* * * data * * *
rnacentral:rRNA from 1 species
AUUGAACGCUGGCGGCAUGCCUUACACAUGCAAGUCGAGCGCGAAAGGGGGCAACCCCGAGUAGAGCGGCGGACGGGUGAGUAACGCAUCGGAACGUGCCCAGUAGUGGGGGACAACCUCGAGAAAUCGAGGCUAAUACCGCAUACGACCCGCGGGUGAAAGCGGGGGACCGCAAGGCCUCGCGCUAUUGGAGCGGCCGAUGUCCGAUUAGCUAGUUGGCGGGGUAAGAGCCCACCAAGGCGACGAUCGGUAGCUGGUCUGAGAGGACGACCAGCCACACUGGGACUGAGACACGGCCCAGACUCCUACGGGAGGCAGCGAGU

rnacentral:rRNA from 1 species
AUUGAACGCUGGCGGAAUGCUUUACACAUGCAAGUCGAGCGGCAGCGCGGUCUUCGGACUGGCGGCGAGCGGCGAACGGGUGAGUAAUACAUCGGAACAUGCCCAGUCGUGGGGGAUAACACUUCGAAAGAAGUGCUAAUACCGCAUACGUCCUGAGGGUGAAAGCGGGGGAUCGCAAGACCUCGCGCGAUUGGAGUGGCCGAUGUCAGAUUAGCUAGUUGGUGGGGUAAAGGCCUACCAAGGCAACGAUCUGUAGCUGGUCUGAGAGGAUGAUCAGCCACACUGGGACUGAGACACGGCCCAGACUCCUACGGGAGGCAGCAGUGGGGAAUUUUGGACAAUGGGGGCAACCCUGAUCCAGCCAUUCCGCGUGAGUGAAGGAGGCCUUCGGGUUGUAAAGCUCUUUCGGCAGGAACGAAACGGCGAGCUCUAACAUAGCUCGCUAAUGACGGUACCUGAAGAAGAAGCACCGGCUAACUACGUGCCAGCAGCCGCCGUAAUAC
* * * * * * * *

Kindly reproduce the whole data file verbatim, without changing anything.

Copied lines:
rnacentral:rRNA from 1 species
AUUGAACGCUGGCGGCAUGCCUUACACAUGCAAGUCGAGCGCGAAAGGGGGCAACCCCGAGUAGAGCGGCGGACGGGUGAGUAACGCAUCGGAACGUGCCCAGUAGUGGGGGACAACCUCGAGAAAUCGAGGCUAAUACCGCAUACGACCCGCGGGUGAAAGCGGGGGACCGCAAGGCCUCGCGCUAUUGGAGCGGCCGAUGUCCGAUUAGCUAGUUGGCGGGGUAAGAGCCCACCAAGGCGACGAUCGGUAGCUGGUCUGAGAGGACGACCAGCCACACUGGGACUGAGACACGGCCCAGACUCCUACGGGAGGCAGCGAGU

rnacentral:rRNA from 1 species
AUUGAACGCUGGCGGAAUGCUUUACACAUGCAAGUCGAGCGGCAGCGCGGUCUUCGGACUGGCGGCGAGCGGCGAACGGGUGAGUAAUACAUCGGAACAUGCCCAGUCGUGGGGGAUAACACUUCGAAAGAAGUGCUAAUACCGCAUACGUCCUGAGGGUGAAAGCGGGGGAUCGCAAGACCUCGCGCGAUUGGAGUGGCCGAUGUCAGAUUAGCUAGUUGGUGGGGUAAAGGCCUACCAAGGCAACGAUCUGUAGCUGGUCUGAGAGGAUGAUCAGCCACACUGGGACUGAGACACGGCCCAGACUCCUACGGGAGGCAGCAGUGGGGAAUUUUGGACAAUGGGGGCAACCCUGAUCCAGCCAUUCCGCGUGAGUGAAGGAGGCCUUCGGGUUGUAAAGCUCUUUCGGCAGGAACGAAACGGCGAGCUCUAACAUAGCUCGCUAAUGACGGUACCUGAAGAAGAAGCACCGGCUAACUACGUGCCAGCAGCCGCCGUAAUAC